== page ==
Abstract: Since 1998 the National Institute of Economic and Industry Research has prepared an annual State of the Regions report for the Australian Local Government Association. The report includes coverage of urban as well as country regions - for example, the Sydney metropolitan area is divided into nine regions and South East Queensland comprises six regions, one of which is Gold Coast. Each report includes an array of data for each region. These data are also available by Local Government Areas. The data is intended for use in local economic development planning and project assessment and is collated from a wide variety of sources.
The paper describes the availability of primary data at regional level, including the Census and administrative data available by postcode (especially Social Security and tax statistics), housing sales and prices and local government valuation data. Survey data are also discussed, including methods by which surveys can provide local estimates for variables not explicitly observed at the local level. The paper takes the City of Gold Coast as an example and compares the economy Gold Coast with that of Australia as a whole and also with other selected regions. The structure of the Gold Coast economy is similar to that of Australia as a whole in many respects, though its dependence on tourism as an economic base results in lower than average value added per person employed.
The papers presented at the 2015 State of Australian Cities National Conference (SOAC 7) were organised into seven broad themes but all shared, to varying degrees, a common focus on the ways in which high quality academic research can be used in the development and implementation of policy. The relationship between empirical evidence and theoretical developments that are presented as part of our scholarly endeavours and policy processes is rarely clear and straightforward. Sometimes, perhaps because of the fortuitous alignment of various factors, our research has a direct and positive impact on policy. Sometimes it takes longer to be noticed and have influence and, sometimes, there is no little or no evidence of impact beyond or even with the academy. And while there are things we can do to promote the existence of our work and to present it in more accessible formats to people we believe to be influential, ultimately the appreciation and application of our work lies in the hands of others.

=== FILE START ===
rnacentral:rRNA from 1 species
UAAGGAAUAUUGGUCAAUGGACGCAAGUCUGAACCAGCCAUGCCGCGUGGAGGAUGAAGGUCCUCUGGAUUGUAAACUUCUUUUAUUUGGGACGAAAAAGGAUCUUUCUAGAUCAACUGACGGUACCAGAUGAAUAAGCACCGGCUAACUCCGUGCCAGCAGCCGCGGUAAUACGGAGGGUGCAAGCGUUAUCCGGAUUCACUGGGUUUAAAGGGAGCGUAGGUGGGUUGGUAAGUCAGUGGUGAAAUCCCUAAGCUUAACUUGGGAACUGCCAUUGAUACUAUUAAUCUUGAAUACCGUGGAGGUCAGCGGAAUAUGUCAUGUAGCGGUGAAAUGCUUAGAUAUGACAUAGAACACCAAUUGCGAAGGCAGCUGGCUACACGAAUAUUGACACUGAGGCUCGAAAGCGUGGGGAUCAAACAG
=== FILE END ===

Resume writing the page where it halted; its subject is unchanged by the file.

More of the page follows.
This paper is one of 164 papers that have each been reviewed and refereed by our peers and revised accordingly. While they each will have been presented briefly at the SOAC conference, they can now be read or re-read at your leisure. We hope they will stimulate further debate and discussion and form a platform for further research.
Adapted from the SOAC 7 conference proceedings introduction by Paul Burton and Heather Shearer
The State of Australian Cities (SOAC) national conferences have been held biennially since 2003 to support interdisciplinary policy-related urban research.
SOAC 7 was held in the City of Gold Coast from 9-11 December 2015. The conference featured leading national and local politicians and policy makers who shared their views on some of the current challenges facing cities and how these might be overcome in the future.